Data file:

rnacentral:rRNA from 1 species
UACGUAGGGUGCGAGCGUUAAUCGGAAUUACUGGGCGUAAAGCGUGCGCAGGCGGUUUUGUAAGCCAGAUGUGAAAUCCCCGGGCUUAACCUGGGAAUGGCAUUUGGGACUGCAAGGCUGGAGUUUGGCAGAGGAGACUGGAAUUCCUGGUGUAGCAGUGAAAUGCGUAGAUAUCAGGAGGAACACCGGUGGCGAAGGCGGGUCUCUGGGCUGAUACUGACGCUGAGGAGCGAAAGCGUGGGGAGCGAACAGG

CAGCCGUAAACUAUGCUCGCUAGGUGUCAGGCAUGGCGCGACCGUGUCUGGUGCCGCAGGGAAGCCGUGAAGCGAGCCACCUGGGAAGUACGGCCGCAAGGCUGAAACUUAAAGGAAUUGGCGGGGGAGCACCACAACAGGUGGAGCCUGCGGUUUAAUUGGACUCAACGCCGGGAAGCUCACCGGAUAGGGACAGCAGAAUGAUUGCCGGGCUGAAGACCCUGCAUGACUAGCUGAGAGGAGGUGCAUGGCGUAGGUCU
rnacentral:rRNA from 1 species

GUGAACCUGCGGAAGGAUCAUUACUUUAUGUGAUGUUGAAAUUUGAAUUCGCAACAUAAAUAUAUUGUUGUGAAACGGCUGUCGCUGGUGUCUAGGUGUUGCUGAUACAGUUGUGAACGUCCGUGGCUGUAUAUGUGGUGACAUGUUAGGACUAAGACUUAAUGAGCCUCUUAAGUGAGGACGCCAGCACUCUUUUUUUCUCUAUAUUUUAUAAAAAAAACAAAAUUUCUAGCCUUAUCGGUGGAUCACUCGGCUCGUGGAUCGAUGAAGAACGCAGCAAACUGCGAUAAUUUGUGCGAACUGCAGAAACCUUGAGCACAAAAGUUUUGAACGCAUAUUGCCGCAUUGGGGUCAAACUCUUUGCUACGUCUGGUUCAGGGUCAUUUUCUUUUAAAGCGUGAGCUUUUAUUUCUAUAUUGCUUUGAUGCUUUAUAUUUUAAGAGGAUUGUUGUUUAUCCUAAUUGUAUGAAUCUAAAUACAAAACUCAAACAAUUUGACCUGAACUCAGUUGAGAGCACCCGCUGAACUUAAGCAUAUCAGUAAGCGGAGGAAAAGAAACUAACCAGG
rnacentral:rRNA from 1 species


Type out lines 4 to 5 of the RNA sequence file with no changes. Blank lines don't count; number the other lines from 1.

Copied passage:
rnacentral:rRNA from 1 species

GUGAACCUGCGGAAGGAUCAUUACUUUAUGUGAUGUUGAAAUUUGAAUUCGCAACAUAAAUAUAUUGUUGUGAAACGGCUGUCGCUGGUGUCUAGGUGUUGCUGAUACAGUUGUGAACGUCCGUGGCUGUAUAUGUGGUGACAUGUUAGGACUAAGACUUAAUGAGCCUCUUAAGUGAGGACGCCAGCACUCUUUUUUUCUCUAUAUUUUAUAAAAAAAACAAAAUUUCUAGCCUUAUCGGUGGAUCACUCGGCUCGUGGAUCGAUGAAGAACGCAGCAAACUGCGAUAAUUUGUGCGAACUGCAGAAACCUUGAGCACAAAAGUUUUGAACGCAUAUUGCCGCAUUGGGGUCAAACUCUUUGCUACGUCUGGUUCAGGGUCAUUUUCUUUUAAAGCGUGAGCUUUUAUUUCUAUAUUGCUUUGAUGCUUUAUAUUUUAAGAGGAUUGUUGUUUAUCCUAAUUGUAUGAAUCUAAAUACAAAACUCAAACAAUUUGACCUGAACUCAGUUGAGAGCACCCGCUGAACUUAAGCAUAUCAGUAAGCGGAGGAAAAGAAACUAACCAGG